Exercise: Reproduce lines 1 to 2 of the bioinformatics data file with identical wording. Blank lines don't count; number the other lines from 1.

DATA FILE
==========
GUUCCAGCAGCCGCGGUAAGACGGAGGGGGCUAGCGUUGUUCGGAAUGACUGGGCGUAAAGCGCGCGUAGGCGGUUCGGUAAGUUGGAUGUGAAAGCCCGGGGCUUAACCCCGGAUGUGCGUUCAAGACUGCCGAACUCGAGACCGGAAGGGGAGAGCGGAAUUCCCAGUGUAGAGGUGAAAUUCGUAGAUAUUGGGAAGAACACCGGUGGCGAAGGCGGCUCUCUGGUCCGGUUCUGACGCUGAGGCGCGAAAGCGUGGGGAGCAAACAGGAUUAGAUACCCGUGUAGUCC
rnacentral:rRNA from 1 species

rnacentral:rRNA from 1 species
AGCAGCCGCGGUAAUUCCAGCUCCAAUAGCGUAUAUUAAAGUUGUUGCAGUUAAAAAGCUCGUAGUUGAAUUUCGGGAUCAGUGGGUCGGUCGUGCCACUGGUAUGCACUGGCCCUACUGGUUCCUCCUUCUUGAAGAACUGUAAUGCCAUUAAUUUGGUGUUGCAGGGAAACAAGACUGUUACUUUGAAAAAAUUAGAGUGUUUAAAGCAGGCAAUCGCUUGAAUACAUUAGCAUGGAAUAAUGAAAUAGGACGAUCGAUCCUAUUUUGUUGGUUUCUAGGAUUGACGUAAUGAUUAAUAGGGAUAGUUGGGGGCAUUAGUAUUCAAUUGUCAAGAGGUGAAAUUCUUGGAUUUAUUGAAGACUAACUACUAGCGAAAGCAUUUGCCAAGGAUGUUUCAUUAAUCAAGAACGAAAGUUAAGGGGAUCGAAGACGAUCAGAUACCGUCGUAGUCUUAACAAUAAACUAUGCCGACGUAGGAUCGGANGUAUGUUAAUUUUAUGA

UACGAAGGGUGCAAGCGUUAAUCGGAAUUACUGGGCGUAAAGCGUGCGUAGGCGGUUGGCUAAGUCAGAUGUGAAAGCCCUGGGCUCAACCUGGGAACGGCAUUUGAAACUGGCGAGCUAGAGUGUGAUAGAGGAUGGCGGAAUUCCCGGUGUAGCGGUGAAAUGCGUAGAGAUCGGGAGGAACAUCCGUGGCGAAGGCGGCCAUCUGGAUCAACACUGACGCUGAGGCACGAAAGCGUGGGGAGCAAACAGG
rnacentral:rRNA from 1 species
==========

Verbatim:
GUUCCAGCAGCCGCGGUAAGACGGAGGGGGCUAGCGUUGUUCGGAAUGACUGGGCGUAAAGCGCGCGUAGGCGGUUCGGUAAGUUGGAUGUGAAAGCCCGGGGCUUAACCCCGGAUGUGCGUUCAAGACUGCCGAACUCGAGACCGGAAGGGGAGAGCGGAAUUCCCAGUGUAGAGGUGAAAUUCGUAGAUAUUGGGAAGAACACCGGUGGCGAAGGCGGCUCUCUGGUCCGGUUCUGACGCUGAGGCGCGAAAGCGUGGGGAGCAAACAGGAUUAGAUACCCGUGUAGUCC
rnacentral:rRNA from 1 species